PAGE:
A senior British general and a colonel who served in Northern Ireland have called for Martin McGuinness to face murder charges for his role in the IRA .
McGuinness is now Deputy First Minister in Northern Ireland, but he has stated he was in the IRA. He was believed to be second-in-command of the IRA in Derry at the time of Bloody Sunday.
It follows the revelation that the inquiry into the killing of 14 unarmed civilians on Bloody Sunday in Derry in 1972 will recommend prosecution against some soldiers of the British paratroop regiment.
The Saville Inquiry reports on Tuesday after 12 years, 2500 witnesses and $300 million spent.
Already there has been very hostile British and Unionist reaction to its expected findings.
Major-General Julian Thompson, a Royal Marines commanding officer in south Armagh during the Troubles, said that if Saville found troops guilty then McGuinness should be prosecuted.
"In that case, let's prosecute the IRA as well, men like McGuinness. How about drawing a line under this unless we want to go and prosecute all the IRA guys who murdered as well? It's ironic that these guys [British soldiers] could be prosecuted and the people who've murdered 20 times more than they have are being allowed off ," said Thompson.
Colonel Richard Kemp, a Northern Ireland tour veteran, said it was a "serious error" to prosecute soldiers so long after the event.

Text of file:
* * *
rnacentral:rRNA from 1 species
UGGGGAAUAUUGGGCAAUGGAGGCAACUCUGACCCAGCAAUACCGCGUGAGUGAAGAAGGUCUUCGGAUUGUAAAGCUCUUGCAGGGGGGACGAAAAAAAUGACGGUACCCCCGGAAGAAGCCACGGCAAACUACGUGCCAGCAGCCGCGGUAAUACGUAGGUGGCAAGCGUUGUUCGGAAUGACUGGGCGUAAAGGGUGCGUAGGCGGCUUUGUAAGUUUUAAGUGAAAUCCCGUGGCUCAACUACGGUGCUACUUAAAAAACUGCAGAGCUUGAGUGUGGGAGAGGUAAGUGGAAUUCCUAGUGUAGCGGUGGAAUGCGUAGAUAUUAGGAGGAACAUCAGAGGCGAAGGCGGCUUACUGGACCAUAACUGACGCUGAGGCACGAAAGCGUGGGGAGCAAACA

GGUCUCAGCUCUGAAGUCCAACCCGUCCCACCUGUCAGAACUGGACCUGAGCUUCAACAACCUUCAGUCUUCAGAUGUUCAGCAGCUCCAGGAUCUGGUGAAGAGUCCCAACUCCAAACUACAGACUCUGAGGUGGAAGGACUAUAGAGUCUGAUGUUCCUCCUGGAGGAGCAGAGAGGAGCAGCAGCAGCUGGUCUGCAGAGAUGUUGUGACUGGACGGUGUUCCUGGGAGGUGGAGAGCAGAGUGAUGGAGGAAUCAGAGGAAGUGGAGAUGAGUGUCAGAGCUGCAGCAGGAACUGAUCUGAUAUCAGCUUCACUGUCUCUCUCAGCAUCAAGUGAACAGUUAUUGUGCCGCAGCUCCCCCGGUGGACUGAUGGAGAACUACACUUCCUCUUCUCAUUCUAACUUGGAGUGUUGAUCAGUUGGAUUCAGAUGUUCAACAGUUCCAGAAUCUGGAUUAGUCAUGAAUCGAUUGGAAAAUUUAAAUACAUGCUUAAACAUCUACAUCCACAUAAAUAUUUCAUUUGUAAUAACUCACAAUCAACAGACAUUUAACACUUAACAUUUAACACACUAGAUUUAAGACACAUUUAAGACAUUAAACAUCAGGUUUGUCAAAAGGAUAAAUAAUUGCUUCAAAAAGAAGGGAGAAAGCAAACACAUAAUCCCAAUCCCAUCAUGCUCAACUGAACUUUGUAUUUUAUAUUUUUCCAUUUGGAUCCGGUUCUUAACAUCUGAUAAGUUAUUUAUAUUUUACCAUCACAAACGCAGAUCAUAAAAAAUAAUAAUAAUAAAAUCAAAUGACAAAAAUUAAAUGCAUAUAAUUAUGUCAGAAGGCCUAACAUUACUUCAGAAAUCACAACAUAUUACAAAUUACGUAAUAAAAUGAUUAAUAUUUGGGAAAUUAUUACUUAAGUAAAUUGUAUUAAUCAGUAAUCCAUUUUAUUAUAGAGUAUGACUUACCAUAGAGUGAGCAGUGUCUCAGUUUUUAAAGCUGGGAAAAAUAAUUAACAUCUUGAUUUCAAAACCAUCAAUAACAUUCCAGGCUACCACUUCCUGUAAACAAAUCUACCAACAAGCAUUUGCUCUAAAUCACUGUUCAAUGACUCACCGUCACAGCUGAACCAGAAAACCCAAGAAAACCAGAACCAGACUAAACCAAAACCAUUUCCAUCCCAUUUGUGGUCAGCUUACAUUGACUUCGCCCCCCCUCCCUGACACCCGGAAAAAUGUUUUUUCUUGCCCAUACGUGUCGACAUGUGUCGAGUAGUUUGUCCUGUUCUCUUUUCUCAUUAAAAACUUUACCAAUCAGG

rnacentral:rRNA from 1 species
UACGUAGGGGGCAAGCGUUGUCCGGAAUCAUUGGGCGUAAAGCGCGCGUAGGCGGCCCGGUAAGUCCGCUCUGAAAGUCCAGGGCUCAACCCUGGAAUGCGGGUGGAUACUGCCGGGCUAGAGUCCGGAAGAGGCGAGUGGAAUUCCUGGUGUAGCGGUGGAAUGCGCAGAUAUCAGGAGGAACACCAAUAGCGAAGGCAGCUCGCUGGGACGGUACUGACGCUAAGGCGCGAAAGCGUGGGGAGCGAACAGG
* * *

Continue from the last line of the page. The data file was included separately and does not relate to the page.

"And let's not forget that we have had IRA murderers let off and not prosecuted and brought into government," he said.
"Let's open an investigation into some of Martin McGuinness's activities, shall we?"
Politicians in Belfast and London now fear that the recommendations of the Saville report may cause huge problems for the peace process with soldiers ending up in the dock.
Lord Trimble, the former Ulster Unionist party leader and Nobel peace laureate sated that the new report meant that soldiers would be tried for murder or manslaughter.
Meanwhile, it has been revealed that one of the ex-paratroopers who gave evidence to the Saville inquiry has been living under a witness protection program for 10 years amid fear that he will be gunned down by former colleagues.
The man, known as Soldier 027, told the inquiry that soldiers in his company had been encouraged to "get some kills" the night before Bloody Sunday, and that was seen as "tantamount to an order."
He claimed two of his fellow soldiers shot between eight and 10 demonstrators, he said.
Paratroopers shot dead 13 unarmed men on a civil rights march in the Bogside in January 1972. A 14th man died of his wounds several months later. The killings became a turning point in the history of The Troubles.